Step 4: Glueing

Use a standard wood glue to put part by part together. To keep everything in the right position, use the square pipe and run it into the parts. After glueing almost all, except the bottom and top part, together you can cut the rack away with a little saw. After this you can glue the bottom and the top part to the other parts.

Step 5: Painting / Glazing

At this step I just went on with the simple version of the console.

Now it is up to you what colour or look you prefer. Raw poplar plywood look has its own charm but you can easy get a classier look by just colouring up the thing. I used two different glaze types. But I already glazed the wood parts before I lasercutted them. You may produce a few of the wooden top parts and try out what paint or glaze gives the best look for you. I did the painting after the cutting and engraving but I think it is in some case easier to do the painting before cutting.

Step 6: Electronic Components

The heart of the console is the raspberry piwhich acts as an emulator. There is an All-In-One System out there which is called “Retropie”. See more details at chapter “software”.

In order to connect up to 4 gamepads you need an usb hub, I choosed a flexible on with 4 wires like this:

https://www.amazon.de/Flexible-Modell-Verteiler-No...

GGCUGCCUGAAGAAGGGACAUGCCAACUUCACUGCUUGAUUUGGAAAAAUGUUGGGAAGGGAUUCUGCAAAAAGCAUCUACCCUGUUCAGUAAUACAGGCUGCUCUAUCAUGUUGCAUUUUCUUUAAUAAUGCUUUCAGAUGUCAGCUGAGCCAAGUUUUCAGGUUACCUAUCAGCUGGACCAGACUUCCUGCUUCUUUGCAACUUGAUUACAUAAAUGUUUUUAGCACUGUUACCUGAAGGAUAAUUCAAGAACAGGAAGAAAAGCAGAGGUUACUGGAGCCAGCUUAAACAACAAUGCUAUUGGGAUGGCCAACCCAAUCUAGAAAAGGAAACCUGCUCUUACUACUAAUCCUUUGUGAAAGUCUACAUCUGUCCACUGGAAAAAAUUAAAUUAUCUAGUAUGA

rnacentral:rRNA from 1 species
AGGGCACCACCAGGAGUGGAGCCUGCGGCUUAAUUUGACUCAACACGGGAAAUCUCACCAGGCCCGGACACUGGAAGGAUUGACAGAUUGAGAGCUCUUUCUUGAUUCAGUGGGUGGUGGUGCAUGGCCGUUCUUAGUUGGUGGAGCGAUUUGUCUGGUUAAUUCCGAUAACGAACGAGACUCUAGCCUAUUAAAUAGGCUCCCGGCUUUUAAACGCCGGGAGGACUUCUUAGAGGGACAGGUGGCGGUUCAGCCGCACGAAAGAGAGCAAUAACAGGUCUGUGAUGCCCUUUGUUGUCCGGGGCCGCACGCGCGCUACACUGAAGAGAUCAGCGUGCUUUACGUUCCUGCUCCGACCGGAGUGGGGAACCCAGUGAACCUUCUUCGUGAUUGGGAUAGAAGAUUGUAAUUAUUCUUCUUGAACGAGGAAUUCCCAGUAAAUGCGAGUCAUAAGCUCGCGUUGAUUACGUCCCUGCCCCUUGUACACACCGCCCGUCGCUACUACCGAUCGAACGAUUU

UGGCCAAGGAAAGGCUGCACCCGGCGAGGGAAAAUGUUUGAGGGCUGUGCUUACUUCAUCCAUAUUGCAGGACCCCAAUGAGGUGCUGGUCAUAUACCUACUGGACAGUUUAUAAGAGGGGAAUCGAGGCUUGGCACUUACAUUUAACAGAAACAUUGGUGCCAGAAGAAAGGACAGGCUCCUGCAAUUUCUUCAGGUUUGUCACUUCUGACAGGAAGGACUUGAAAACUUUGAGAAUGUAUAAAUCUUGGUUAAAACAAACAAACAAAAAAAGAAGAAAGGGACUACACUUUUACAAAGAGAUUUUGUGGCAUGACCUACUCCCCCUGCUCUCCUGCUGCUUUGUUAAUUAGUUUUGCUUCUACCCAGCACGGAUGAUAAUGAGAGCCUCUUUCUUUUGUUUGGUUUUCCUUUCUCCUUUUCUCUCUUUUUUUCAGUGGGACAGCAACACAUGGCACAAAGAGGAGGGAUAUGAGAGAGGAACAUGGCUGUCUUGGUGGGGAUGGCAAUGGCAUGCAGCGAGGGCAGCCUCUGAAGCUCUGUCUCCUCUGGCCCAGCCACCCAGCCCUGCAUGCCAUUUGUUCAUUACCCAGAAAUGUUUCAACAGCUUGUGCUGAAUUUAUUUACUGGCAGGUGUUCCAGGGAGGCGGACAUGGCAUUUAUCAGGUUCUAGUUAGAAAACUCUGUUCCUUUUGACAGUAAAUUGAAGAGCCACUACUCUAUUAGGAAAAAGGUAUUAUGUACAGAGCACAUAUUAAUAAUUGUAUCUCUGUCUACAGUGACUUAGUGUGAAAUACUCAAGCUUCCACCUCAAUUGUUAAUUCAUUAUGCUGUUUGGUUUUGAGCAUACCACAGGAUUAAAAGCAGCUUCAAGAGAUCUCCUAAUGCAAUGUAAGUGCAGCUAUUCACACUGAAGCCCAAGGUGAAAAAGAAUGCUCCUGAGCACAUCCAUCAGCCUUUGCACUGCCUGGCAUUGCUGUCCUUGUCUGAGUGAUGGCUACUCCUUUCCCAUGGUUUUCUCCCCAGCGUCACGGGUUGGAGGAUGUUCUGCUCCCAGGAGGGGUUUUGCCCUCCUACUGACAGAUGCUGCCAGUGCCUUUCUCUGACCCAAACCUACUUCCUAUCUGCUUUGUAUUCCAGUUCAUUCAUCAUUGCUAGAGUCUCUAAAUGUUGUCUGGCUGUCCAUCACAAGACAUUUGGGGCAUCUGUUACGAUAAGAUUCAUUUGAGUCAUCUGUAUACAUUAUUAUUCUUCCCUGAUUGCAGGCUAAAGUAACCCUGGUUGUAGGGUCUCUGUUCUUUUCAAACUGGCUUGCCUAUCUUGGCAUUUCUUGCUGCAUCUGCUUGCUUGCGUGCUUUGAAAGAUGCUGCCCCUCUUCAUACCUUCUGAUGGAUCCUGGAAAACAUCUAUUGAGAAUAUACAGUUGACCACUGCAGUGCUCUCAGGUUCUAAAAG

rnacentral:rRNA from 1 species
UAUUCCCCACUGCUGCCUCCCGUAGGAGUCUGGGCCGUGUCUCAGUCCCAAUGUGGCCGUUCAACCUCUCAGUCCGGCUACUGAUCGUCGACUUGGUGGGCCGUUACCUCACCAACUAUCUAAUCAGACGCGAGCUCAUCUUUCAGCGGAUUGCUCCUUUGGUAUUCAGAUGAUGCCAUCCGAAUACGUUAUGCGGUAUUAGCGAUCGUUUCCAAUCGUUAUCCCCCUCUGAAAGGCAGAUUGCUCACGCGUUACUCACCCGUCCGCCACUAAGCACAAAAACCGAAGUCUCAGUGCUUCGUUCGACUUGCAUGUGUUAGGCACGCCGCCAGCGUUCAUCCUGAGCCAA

You can also use a solid one but then you have to increase the gap for the hookups. I prefer this one because it is the smallest solution.

You also need an audio jack, Micro USB and an HDMI connection. To get the connections mounted in the case I bought extension cables. You can also build you own extensions with wire and plugs soldered together.

The Raspberry Pi needs a shutdown routine before you should disconnect it from the power supply. You can do this within the Retropie menu by choosing “shutdown system” or you can write a python script and connect a push button to the Raspberry Pi. You find a detailed instruction at chapter “software”.

Step 7: Wedding

Now it’s time to put everything together. Placethe extension cable plugs into the openings of the case and glue them in place. Do the same with the usb hub plugs. Connect the other side of the extension to the raspberry and place it in the middle of the case. Screw the bottom plate onto the case. In the end I placed a simple push button into the case. The small wooden button is glued on top of the button.

Step 8: Software

As mentioned, I used Raspbian and Retropie as OS.

“RetroPie sits on top of a full OS, you can install it on an existing Raspbian, or start with the RetroPie image and add additional software later. It's up to you.”

https://retropie.org.uk/

https://lifehacker.com/how-to-turn-your-raspberry-...

Shut Down Button for Raspberry Pi

http://forum.arcadecontrols.com/index.php?topic=14...

Step 9: Conclusion

In the end I was very happy with the result of the Super Wood Entertainment System. I discarded the other solution, but maybe some of you will give it a try! Now the Super Wood Entertainment System is complete, the gamepad and the console. The full joy of wood and retro gaming! There is a wireless gamepad in the making. I will upload some picture when it is ready!

Thanks to all my supporters and happy remaking!

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    3 Discussions

    Very nice work, I would suggest taking pics of you putting it together though as the only thing missing.

    Wow there is so much texture, character, and style in this console, I love it! Great work!

    Nice work, I love it!